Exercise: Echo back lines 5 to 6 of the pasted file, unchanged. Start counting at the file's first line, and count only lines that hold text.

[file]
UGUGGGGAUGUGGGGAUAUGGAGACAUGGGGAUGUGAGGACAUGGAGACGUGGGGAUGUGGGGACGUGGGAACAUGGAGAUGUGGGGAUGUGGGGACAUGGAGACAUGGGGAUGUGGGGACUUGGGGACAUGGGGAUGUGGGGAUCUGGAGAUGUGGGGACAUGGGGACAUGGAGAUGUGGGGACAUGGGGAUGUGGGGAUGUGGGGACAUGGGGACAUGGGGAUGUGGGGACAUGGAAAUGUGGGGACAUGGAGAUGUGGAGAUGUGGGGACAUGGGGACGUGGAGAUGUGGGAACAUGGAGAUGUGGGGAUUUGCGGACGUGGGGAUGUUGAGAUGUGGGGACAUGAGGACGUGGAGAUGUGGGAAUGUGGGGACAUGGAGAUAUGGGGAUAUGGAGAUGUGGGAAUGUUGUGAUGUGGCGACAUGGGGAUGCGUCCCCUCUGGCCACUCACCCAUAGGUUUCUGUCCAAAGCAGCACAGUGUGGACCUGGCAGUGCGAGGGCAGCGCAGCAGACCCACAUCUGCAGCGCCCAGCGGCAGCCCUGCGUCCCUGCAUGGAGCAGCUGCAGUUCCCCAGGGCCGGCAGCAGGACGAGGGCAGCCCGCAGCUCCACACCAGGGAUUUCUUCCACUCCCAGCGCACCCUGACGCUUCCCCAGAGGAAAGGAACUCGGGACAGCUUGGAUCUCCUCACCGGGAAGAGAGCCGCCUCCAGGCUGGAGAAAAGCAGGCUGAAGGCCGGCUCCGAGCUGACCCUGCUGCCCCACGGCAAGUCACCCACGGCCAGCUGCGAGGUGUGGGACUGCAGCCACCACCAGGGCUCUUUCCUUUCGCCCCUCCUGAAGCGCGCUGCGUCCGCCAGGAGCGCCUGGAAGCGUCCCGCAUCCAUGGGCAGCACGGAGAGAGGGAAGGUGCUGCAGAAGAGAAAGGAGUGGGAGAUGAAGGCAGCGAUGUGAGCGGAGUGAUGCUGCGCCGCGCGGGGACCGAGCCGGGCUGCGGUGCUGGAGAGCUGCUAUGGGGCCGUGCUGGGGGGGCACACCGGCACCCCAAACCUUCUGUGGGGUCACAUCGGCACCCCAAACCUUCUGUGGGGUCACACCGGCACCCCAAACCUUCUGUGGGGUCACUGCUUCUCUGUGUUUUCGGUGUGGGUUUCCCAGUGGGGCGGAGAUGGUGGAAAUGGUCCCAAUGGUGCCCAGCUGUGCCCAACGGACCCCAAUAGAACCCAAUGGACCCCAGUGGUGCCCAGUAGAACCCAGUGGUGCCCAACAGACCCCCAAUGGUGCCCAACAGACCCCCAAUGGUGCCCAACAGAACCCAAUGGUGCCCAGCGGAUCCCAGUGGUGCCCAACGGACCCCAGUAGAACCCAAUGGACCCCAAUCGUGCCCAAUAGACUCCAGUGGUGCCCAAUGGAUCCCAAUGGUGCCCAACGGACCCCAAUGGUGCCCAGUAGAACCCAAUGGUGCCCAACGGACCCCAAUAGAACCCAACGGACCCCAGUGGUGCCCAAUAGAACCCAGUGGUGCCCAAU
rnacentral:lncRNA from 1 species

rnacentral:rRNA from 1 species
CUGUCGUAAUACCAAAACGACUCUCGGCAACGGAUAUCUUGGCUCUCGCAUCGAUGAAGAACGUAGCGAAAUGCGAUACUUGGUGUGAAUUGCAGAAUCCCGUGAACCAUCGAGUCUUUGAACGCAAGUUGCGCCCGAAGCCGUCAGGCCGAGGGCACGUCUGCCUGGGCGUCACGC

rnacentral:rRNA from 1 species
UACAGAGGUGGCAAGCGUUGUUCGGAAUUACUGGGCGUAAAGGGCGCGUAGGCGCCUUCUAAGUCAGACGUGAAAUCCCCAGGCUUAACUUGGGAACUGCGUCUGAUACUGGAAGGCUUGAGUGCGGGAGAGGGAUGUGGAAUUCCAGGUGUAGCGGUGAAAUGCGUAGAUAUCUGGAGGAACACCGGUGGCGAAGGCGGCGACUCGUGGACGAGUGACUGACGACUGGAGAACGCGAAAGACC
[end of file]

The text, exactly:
rnacentral:rRNA from 1 species
UACAGAGGUGGCAAGCGUUGUUCGGAAUUACUGGGCGUAAAGGGCGCGUAGGCGCCUUCUAAGUCAGACGUGAAAUCCCCAGGCUUAACUUGGGAACUGCGUCUGAUACUGGAAGGCUUGAGUGCGGGAGAGGGAUGUGGAAUUCCAGGUGUAGCGGUGAAAUGCGUAGAUAUCUGGAGGAACACCGGUGGCGAAGGCGGCGACUCGUGGACGAGUGACUGACGACUGGAGAACGCGAAAGACC